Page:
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A university research confirms the popularity of Hudson

Posted by kohsuke on February 3, 2009 at 10:08 AM PST

Eric Lefevre found a study of CI tools by Fontys University of Applied Sciences in Venlo, Netherlands. This is based on sending questions to volunteer participants and tabulating the results.

With the usual caveat about the sampling size and geographic distribution of respondents, this paper found that the most commonly used CI tool today is Cruise Control (29 people), followed by Hudson (24 people.) The third popular tool only has 4 people, so beyond that is within a margin of error.

Now, if you look at the download statistics of Cruise Control (sorry if the link shows an error — it times out rather frequently), which reported 1830 downloads last week, and compare that with the statistics for Hudson (which reported 2868 downloads last week), you can see that Hudson is getting more downloads now.

Once again, every statistics should be taken with a grain of salt; there are biases like Hudson's higher frequency of releases and potential difference in how two systems count downloads, but nonetheless I think Hudson is on the right trajectory. This is a much better situation than what Eric found half a year go.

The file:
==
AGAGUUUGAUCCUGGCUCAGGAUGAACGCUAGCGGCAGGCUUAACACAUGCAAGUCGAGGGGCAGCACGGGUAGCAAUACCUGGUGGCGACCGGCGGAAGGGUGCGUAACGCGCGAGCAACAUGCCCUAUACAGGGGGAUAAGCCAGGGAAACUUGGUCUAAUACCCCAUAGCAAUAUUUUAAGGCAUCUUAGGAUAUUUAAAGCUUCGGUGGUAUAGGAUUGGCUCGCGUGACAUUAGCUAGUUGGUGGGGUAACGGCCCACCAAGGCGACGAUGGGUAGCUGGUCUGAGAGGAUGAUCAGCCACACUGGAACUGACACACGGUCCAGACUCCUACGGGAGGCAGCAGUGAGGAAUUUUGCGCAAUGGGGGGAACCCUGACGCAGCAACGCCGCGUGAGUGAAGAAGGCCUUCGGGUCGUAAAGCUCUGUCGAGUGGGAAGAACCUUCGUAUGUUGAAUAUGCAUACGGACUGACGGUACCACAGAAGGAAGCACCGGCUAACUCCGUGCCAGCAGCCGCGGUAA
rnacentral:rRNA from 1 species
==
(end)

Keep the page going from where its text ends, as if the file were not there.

The PDF is available for everyone to download, and I found it an interesting read. I particularly found it interesting that Bamboo and Continuum got no adoption as far as this research was concerned.

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Comments

Consider too that the statistics in that survey didn't distinguish between the various flavors of CruiseControl (Java, .NET, .rb)... Based on the changes I've seen at CITCON the last few years I think Hudson has become more popular among experienced CI practitioners than CruiseControl. I don't think this change has fully propagated through the installed base but the trend is pretty clear, esp. for Java shops.

That's an interesting report with many dimensions. The one I was looking for but didn't see was the choice of tool according to the primary development language. There's no obvious reason why a CI tool (or build tool for that matter) should be targeted for Java or C, but they seem to be that way. I'd like to have seen more responses too. ~Matt